While brown, red and green onions might be a little too clunky in pots to ensure a viable harvest, there are varieties that have compact growth and are much easier to get a good yield from.
Species like the Tokyo Long White and the White Lisbon (cultivars of your humble spring onion) grow in long, compact stalks and will allow you a much larger harvest.
These species also grow much faster than their larger, bulbar cousins, and are quite lovely to watch grow.
Radishes are happy to grow in even the smallest pot and are able to thrive in less than ideal lighting conditions.
They are a crowd favourite for small gardens, and cultivars like the Cherry Bell grow in shade or sun. What’s more, these delicious little vegetables will be ready to harvest in three weeks!
Vegetables that bush out:
Bring on the leaves!
Leafy vegetables have shallow root systems, making them ideal for long, shallow, rectangular pots, commonly found on window sills and balconies.
These vegetables also grow quickly and have the potential to give you multiple harvests, making them highly rewarding vegetables to grow in your confined space.
The undisputed patio garden hero!
Lettuce is best grown in spring or early summer. If you want to ensure a full season harvest, it’s best to keep your lettuce out of the direct sun. Giving your lettuce a shallow, wide pot and dappled light will have you snacking on greens all summer long.
And let’s not forget about the variety!
Lettuce is an umbrella term for a host of exciting and tasty leafy vegetables. Plant a mix of these in your pots for variety, flavour combinations and aesthetics. It will also mean that you can snack on one type of lettuce while you let another recover from harvesting.
Arugula, Cos, Romaine and Butter lettuce are all excellent choices for your potted vegetable garden.
Like all other leafy greens, Spinach grows well in shallow pots placed in semi-shade.
When choosing your shallow pot, make sure it’s quite wide. Your spinach will want to grow outwards and will get bushier over time. Choose baby spinach cultivars to get the sweetest and most crisp Spinach leaves possible.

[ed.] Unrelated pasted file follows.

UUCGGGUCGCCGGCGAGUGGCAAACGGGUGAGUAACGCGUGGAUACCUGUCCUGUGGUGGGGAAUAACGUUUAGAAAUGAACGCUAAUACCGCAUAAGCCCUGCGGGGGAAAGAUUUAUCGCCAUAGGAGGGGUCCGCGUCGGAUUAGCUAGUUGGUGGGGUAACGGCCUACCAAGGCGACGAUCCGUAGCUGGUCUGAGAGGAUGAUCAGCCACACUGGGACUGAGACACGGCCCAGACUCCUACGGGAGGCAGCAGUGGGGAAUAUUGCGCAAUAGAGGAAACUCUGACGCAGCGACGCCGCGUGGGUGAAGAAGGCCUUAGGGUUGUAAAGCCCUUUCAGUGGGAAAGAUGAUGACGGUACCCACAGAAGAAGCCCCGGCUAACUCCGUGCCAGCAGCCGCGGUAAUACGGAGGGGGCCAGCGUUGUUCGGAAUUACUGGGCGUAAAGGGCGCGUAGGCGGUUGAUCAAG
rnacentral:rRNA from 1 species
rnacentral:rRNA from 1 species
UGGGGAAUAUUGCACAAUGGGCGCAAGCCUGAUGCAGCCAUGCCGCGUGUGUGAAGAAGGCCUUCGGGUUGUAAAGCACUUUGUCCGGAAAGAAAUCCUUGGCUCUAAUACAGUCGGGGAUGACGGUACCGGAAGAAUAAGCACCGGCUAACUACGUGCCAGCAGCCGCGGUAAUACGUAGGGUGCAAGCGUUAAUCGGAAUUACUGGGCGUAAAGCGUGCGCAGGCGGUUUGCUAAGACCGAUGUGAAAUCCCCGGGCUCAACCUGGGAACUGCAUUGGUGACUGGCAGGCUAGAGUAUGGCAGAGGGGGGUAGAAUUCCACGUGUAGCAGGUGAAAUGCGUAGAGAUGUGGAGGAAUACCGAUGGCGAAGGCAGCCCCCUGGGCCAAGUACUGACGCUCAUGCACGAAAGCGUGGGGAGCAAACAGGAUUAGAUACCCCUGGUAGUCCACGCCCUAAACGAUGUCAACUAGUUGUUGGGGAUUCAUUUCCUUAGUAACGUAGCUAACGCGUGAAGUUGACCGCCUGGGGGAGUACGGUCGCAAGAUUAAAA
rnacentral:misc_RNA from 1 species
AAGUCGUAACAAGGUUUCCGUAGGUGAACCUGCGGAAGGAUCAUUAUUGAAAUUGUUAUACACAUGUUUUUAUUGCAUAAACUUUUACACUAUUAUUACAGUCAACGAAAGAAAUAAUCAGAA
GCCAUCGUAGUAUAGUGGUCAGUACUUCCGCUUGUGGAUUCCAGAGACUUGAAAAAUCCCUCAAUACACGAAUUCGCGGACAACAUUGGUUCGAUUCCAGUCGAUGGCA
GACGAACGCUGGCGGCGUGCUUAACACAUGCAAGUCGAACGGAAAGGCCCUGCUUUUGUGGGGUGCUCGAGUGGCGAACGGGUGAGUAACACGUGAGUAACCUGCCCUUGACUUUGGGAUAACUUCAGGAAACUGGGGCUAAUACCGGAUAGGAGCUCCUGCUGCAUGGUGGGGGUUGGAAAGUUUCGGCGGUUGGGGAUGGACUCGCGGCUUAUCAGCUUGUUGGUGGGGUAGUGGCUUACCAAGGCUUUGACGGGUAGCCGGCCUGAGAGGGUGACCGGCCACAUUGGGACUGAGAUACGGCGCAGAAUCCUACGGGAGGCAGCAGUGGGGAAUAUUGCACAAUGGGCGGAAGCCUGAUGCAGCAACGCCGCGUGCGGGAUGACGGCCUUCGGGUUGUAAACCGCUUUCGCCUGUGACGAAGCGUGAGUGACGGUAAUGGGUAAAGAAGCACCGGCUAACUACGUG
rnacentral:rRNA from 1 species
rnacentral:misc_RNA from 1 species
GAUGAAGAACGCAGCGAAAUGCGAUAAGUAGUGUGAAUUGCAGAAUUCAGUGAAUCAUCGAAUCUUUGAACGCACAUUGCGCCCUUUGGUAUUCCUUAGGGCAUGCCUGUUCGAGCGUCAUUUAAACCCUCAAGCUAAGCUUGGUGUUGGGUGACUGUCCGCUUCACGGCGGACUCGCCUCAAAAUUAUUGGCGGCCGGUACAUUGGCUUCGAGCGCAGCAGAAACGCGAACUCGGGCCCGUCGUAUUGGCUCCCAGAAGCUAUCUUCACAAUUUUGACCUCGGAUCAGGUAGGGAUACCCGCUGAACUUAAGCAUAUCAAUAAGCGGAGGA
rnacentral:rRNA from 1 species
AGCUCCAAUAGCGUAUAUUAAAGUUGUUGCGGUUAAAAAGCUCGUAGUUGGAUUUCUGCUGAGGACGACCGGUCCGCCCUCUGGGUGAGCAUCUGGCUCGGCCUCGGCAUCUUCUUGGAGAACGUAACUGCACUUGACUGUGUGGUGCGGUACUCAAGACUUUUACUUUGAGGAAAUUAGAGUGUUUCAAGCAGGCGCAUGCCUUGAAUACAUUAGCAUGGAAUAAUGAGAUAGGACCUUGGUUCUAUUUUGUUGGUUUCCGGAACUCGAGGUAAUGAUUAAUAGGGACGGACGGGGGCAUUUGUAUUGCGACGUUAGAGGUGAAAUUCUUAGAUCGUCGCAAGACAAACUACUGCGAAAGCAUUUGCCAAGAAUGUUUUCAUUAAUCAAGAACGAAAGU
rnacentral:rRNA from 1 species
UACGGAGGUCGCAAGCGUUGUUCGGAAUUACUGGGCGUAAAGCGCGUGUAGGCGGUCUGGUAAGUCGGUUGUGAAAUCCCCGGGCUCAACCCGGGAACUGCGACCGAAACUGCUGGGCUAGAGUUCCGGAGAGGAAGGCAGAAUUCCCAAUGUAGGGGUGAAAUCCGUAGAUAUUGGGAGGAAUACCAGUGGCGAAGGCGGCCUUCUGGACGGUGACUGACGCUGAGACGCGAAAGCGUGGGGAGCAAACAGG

What soil should you use?
All the love in the world cannot save a plant that is planted in bad soil.
For your pots, it is best to choose a well-aerated potting mix from a reputable nursery. These potting mixes are made of peat moss, compost and bark chips for nutrition, as well as vermiculite or perlite for aeration.
They are generally sterile and free of weeds of harmful fungi.
Why not just dig up some soil and go for it though?
The answer is complex but starts with how easily garden soil compacts when it’s placed in a pot. This compaction will make your soil soggy and waterlogged, even when it appears dry on the surface.
Waterlogged soil is fatal to all vegetables, and should be avoided at all costs.
Next is the issue of pests. When you dig up the soil, you are digging up all the microorganisms that go with it. And, while a healthy soil microbiome is great, pests will kill your plants before they have time to make any vegetables at all!
Filling your pots:
Start by layering drainage stones in the bottom of your pot. These will assist in drainage and aeration of your soil, mimic a natural environment and save you money on the soil by taking up space.
Next, fill your pot with soil. If you are using seedlings, measure the depth of your seedlings in the pot before filling it, to ensure you have enough space to cover the seedlings’ roots completely.
If you are planting from seed, fill your pot to your required depth, poke holes into the top of the soil (with a good distance between them) and plant away!
Once you’ve planted your seedlings or your seeds, give your pots a really thorough watering. It is better to water plants early in the morning or later in the afternoon, to avoid the scorching heat of the day evaporating the moisture from the soil as it lands.
Go forth and Garden
Having a small outside space should not be what holds back your vegetable garden dreams.
The secret to success is knowing the types of pots to buy, the types of soil to fill them with, and the types of vegetable plants to grow inside them.
Whether they grow up, down or out, there’s a vegetable that you can grow today.
Contact Andy if you want a landscaper to design your vegetable garden.